Aetna this year exited 11 out of the 15 states where the company had sold individual insurance plans on ACA exchanges. Aetna cited losses from that business since exchange-sold plans began coverage in 2014, and fears that the pool of customers would continue to contain too many sick people and too few healthy ones.
Bertolini said that risk remains for Aetna in the four states where it continues to sell ACA plans, and in the states where it left.
"The biggest risk for us is that in the ACA we lost $450 million last year, $100 million more than we expected," Bertolini said when asked about earnings in 2017. "The risk pools continue to deteriorate and we are still in a number of exchanges, with 240,000 members, of which half are still new."
"So the risk associated with that population, as the risk pools changes," and the elimination of Obamacare programs designed to mitigate insurers' financial downside, "create some headwinds for us in '17," Bertolini said.
Bertolini mentioned that deterioration of the risk pools in Aetna's remaining ACA markets again when he was asked about criticism by U.S. District Judge John Bates.
In his decision last week blocking the merger with Humana, Bates said Aetna had threatened to leave a number of states as it "tried to leverage its participation in the exchange for favorable treatment from [regulators] regarding the proposed merger."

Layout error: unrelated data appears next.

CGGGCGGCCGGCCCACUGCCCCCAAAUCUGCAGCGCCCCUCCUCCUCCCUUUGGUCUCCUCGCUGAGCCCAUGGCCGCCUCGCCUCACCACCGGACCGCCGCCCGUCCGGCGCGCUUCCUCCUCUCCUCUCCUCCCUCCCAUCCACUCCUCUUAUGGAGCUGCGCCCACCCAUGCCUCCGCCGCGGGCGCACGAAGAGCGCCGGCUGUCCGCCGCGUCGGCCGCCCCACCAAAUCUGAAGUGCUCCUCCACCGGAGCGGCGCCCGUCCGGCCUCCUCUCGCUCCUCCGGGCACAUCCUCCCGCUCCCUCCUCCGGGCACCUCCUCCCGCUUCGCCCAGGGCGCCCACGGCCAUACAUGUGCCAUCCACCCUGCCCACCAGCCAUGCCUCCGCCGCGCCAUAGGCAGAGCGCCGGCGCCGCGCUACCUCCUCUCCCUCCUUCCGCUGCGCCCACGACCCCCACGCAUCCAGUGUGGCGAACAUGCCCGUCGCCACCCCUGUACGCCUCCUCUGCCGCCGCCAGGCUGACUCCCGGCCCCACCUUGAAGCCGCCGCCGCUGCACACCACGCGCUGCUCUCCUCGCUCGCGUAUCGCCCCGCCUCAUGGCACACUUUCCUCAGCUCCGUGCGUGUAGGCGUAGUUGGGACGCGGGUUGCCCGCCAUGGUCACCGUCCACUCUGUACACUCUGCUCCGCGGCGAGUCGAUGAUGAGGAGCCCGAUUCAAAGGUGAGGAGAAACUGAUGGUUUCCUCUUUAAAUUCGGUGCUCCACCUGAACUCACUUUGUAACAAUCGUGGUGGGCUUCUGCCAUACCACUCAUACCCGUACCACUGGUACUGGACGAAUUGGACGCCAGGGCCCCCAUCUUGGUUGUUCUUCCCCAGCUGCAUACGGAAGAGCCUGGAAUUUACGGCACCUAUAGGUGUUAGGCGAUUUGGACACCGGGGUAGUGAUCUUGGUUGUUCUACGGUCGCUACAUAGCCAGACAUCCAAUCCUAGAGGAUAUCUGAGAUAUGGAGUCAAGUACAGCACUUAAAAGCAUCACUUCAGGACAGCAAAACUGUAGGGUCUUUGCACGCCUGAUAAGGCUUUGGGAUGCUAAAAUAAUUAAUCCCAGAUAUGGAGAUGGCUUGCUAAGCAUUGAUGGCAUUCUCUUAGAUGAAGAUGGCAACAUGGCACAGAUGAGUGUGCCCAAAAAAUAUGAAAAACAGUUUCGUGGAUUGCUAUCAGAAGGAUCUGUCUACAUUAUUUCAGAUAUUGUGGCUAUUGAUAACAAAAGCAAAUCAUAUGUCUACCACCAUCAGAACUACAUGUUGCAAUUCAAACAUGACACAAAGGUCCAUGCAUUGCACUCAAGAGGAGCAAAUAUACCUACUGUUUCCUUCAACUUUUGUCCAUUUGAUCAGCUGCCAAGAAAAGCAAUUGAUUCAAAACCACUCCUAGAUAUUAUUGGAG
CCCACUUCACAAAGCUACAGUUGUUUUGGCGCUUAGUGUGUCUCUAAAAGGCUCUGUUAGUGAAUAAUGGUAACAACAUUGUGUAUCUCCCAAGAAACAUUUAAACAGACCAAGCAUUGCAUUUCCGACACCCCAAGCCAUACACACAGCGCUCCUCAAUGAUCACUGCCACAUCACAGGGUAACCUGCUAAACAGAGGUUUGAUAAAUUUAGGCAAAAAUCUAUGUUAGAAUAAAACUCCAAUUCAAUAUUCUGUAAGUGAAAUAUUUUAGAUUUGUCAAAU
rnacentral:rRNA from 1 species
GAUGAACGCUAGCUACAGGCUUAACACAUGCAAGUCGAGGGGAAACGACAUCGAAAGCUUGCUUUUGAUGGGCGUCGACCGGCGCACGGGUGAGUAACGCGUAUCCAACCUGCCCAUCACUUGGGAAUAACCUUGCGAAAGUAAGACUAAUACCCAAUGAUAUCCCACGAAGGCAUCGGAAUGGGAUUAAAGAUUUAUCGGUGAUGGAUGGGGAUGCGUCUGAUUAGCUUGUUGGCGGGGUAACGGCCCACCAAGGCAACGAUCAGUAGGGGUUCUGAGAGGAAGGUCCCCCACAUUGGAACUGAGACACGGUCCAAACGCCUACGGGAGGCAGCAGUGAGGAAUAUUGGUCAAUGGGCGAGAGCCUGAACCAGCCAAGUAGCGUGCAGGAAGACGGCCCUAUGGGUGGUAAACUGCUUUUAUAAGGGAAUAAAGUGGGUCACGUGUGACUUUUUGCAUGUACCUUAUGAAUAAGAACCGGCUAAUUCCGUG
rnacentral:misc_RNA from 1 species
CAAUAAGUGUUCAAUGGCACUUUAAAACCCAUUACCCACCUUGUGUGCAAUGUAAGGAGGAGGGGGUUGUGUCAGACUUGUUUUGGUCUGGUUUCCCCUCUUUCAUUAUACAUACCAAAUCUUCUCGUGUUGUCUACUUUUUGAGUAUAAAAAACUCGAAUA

Bates also said that Aetna had left 17 counties where it was competing with Humana "at least in part for the purpose of improving its litigation position" against the Justice Department, which sued to block the merger.
Bertolini on Tuesday said, "The Department of Justice and the courts look at things by county. As a business, we operate by state, we can't have an office in every county."
"So the analysis of 17 counties that were part of the complaint is really an interesting analysis ... in the halls of justice," Bertolini said. "But in our business, we have to operate by state, and we made our decisions by state. We made our decisions based on forward-looking earnings for 2017, because we had to file our rates for '17 in April of 2016, and we are seeing a deterioration of those markets, as we expected, which would have created greater risk for us in 2017."
Bertolini was asked about Trump's meeting earlier Tuesday with the CEOs of a number of leading pharmaceutical companies. At that meeting, Trump repeatedly stressed the need to lower drug prices — a message that will resonate with insurers, who for years have complained about the costs of prescription medications.
"Costs in drugs are the fastest rising cost that we see across the spectrum," Bertolini said. "In drugs, we are seeing double-digit increases year over year, largely driven by specialty drugs. We have to find a solution to make these programs more affordable."
"If in fact we're looking for a way to make [insurance plan] premiums more affordable, we have to address drug costs sooner rather than later," Bertolini said.